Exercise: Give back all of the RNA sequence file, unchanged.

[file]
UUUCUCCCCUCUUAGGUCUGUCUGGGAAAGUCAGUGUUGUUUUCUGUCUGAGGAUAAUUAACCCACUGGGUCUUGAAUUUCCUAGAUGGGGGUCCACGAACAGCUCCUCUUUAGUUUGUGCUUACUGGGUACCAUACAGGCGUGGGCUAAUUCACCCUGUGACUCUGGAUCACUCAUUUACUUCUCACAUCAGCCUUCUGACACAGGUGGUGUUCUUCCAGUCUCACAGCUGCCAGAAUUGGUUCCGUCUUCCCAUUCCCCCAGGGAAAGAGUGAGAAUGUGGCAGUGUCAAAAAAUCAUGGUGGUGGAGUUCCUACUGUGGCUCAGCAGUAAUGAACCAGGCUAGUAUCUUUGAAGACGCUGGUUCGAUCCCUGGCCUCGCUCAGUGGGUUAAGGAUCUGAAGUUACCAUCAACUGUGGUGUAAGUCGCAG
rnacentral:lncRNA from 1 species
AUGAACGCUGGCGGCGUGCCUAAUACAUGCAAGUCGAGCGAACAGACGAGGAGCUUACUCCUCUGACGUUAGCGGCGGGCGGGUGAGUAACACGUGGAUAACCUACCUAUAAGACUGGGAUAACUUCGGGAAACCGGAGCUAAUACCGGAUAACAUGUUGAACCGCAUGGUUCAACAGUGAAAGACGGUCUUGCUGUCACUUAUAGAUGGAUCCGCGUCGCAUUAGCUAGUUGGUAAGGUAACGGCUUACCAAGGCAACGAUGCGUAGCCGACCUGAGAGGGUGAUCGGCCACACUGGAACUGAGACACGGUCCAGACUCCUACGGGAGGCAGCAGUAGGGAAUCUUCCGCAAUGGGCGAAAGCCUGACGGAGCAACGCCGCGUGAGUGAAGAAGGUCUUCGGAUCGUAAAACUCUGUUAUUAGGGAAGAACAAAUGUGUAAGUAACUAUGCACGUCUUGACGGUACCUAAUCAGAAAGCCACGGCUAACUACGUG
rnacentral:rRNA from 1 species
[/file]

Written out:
UUUCUCCCCUCUUAGGUCUGUCUGGGAAAGUCAGUGUUGUUUUCUGUCUGAGGAUAAUUAACCCACUGGGUCUUGAAUUUCCUAGAUGGGGGUCCACGAACAGCUCCUCUUUAGUUUGUGCUUACUGGGUACCAUACAGGCGUGGGCUAAUUCACCCUGUGACUCUGGAUCACUCAUUUACUUCUCACAUCAGCCUUCUGACACAGGUGGUGUUCUUCCAGUCUCACAGCUGCCAGAAUUGGUUCCGUCUUCCCAUUCCCCCAGGGAAAGAGUGAGAAUGUGGCAGUGUCAAAAAAUCAUGGUGGUGGAGUUCCUACUGUGGCUCAGCAGUAAUGAACCAGGCUAGUAUCUUUGAAGACGCUGGUUCGAUCCCUGGCCUCGCUCAGUGGGUUAAGGAUCUGAAGUUACCAUCAACUGUGGUGUAAGUCGCAG
rnacentral:lncRNA from 1 species
AUGAACGCUGGCGGCGUGCCUAAUACAUGCAAGUCGAGCGAACAGACGAGGAGCUUACUCCUCUGACGUUAGCGGCGGGCGGGUGAGUAACACGUGGAUAACCUACCUAUAAGACUGGGAUAACUUCGGGAAACCGGAGCUAAUACCGGAUAACAUGUUGAACCGCAUGGUUCAACAGUGAAAGACGGUCUUGCUGUCACUUAUAGAUGGAUCCGCGUCGCAUUAGCUAGUUGGUAAGGUAACGGCUUACCAAGGCAACGAUGCGUAGCCGACCUGAGAGGGUGAUCGGCCACACUGGAACUGAGACACGGUCCAGACUCCUACGGGAGGCAGCAGUAGGGAAUCUUCCGCAAUGGGCGAAAGCCUGACGGAGCAACGCCGCGUGAGUGAAGAAGGUCUUCGGAUCGUAAAACUCUGUUAUUAGGGAAGAACAAAUGUGUAAGUAACUAUGCACGUCUUGACGGUACCUAAUCAGAAAGCCACGGCUAACUACGUG
rnacentral:rRNA from 1 species